A CAREER AS AN FBI INTELLIGENCE ANALYST?
Here's What It's Like: Up Close and Personal
When we approached
Milton Ramirez to ask him what it's like being an Intelligence Analyst
in the FBI, he said, "Let me tell you a story."
after I started in the FBI's office in Puerto Rico, I became part of
a team working to dismantle a very large and very violent gang in San
Juan that had taken over a complete housing project and the lives of
all the residents in it. This gang was into everything bad—murder,
rape, illegal firearms, money laundering, and international cocaine
and heroin trafficking. It used 2-way radios to communicate and conduct
surveillance at lookout posts—and it forced the residents to
store drugs inside their homes to avoid the Police of Puerto Rico.
The residents were miserable, but they wouldn't cooperate because charges
against the gang never stuck, and retaliation was swift. Law enforcement
partnerships finally broke the back of the gang. After 2 years of meticulous
investigation, the Police of Puerto Rico, U.S. Customs, DEA, HUD, Social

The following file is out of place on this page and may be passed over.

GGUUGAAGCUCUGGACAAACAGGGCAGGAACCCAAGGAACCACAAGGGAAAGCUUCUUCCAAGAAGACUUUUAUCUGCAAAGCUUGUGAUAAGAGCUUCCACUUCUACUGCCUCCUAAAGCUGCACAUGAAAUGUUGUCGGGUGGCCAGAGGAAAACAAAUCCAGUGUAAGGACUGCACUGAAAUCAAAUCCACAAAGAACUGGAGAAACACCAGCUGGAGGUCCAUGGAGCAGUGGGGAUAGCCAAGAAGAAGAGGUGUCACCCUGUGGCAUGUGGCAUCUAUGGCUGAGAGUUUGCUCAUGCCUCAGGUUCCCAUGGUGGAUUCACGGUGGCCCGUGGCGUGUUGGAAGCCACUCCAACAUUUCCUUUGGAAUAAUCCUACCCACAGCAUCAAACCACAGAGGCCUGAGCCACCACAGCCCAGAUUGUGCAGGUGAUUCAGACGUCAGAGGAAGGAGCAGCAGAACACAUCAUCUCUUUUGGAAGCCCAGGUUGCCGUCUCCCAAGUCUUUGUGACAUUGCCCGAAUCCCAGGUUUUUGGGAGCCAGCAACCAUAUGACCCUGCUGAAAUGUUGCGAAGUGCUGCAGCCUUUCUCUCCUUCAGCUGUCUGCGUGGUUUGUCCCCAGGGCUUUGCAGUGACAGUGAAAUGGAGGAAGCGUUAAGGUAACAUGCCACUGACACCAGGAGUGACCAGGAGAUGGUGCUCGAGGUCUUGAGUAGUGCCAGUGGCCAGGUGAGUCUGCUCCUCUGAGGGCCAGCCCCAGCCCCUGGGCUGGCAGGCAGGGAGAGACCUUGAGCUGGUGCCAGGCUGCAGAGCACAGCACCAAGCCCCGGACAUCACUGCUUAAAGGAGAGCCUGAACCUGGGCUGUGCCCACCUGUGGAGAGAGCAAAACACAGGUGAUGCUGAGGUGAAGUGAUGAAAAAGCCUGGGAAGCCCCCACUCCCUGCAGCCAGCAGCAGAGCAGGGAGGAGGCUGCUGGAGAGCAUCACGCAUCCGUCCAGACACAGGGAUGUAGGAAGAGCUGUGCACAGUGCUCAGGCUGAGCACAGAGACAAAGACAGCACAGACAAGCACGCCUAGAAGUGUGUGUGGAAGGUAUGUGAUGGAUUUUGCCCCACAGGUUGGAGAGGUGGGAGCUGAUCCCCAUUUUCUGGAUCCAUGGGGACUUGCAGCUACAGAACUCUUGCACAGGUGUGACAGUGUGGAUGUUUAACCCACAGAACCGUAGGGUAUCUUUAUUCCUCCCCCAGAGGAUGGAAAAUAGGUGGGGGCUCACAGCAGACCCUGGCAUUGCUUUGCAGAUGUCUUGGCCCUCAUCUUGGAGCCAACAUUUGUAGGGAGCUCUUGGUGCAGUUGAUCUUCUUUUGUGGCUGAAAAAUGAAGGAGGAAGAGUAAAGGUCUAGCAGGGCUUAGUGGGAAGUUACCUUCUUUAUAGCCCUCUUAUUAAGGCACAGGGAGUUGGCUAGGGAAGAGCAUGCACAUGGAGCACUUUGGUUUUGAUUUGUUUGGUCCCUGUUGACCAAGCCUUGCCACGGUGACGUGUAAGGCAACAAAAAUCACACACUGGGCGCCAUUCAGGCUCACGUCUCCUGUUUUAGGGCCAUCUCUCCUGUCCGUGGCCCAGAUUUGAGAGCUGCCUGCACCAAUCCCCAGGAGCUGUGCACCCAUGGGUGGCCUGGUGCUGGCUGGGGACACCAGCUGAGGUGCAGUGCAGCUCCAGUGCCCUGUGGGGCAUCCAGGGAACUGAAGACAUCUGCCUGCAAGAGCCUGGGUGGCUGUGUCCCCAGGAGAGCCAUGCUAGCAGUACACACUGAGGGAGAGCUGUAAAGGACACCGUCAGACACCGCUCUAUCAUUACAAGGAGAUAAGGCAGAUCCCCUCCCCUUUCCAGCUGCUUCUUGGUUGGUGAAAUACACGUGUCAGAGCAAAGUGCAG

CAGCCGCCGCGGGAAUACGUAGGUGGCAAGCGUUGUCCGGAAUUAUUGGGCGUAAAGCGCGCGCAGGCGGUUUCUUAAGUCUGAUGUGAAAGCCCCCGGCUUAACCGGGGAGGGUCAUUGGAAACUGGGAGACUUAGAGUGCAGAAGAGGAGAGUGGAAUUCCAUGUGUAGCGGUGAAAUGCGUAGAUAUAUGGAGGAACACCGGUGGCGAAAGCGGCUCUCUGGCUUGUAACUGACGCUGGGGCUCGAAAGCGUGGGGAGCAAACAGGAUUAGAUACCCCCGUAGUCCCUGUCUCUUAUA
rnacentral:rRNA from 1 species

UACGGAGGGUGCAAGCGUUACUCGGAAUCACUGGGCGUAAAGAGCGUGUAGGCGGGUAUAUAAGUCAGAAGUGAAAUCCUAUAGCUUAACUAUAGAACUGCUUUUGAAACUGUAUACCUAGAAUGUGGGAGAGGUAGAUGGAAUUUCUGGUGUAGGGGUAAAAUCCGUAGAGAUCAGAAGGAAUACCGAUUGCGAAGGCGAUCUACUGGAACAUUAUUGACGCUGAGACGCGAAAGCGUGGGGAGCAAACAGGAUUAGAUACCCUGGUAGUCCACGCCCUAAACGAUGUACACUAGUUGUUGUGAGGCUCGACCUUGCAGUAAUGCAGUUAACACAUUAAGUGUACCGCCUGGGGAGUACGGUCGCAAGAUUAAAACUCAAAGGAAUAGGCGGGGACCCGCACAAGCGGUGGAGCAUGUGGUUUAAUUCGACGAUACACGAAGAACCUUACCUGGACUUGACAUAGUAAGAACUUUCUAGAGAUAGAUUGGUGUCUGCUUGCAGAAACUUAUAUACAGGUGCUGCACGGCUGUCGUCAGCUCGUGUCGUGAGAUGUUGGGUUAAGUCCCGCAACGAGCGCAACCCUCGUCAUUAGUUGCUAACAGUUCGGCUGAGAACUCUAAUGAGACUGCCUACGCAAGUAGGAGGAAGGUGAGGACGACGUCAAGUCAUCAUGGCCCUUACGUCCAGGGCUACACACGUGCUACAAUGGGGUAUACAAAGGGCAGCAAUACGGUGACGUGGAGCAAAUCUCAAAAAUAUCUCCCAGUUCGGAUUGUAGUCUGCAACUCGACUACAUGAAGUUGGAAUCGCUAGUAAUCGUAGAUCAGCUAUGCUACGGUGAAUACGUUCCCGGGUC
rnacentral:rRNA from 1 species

Security Administration, and FBI raided the housing project and arrested
the leader of the gang and 25 of its members. All were found guilty.
All are in jail. And I was part of making that happen. You can imagine
how good that makes me feel."
Q: Tell us
more—what did you do exactly to help make the case?
Milton: Very intensive stuff. Exhaustive research and analysis helped
us put together an organizational profile of the gang, their activities, their
MOs, communications, and photographs. We analyzed telephone and police records
to prepare a wiretap affidavit. We analyzed financial records to identify gang
assets. And, in the end, to our complete satisfaction, we prepared arrest packages...and
graphic presentations that were used in trial.
just one case—what do you do on a daily basis, especially now
that you're in the FBI's Houston office?
Milton: Usually more than can be done in one day! When I came here
as a field Intelligence Analyst, I researched case files, databases, and open
source information. I read and wrote intelligence assessments and bulletins.
I'm involved in briefings, training, and workshops with colleagues in other
agencies. In 2003, for example, I traveled to Indonesia to teach a basic intelligence
course to police officers in the newly created Anti-Terrorism Directorate.
Now, since my promotion, I do all that and supervise 20 Intelligence Analysts
in our Investigative Support Center group too.
Q: And can
you say what you like best about the job?
Milton: No question about it: At the end of the day you go home with
a wonderful sense of accomplishment of doing something to protect the nation
and the lives of the people in it. You can't beat that.
in applying? Go straight to www.fbijobs.com.
Or, read more about the FBI's Directorate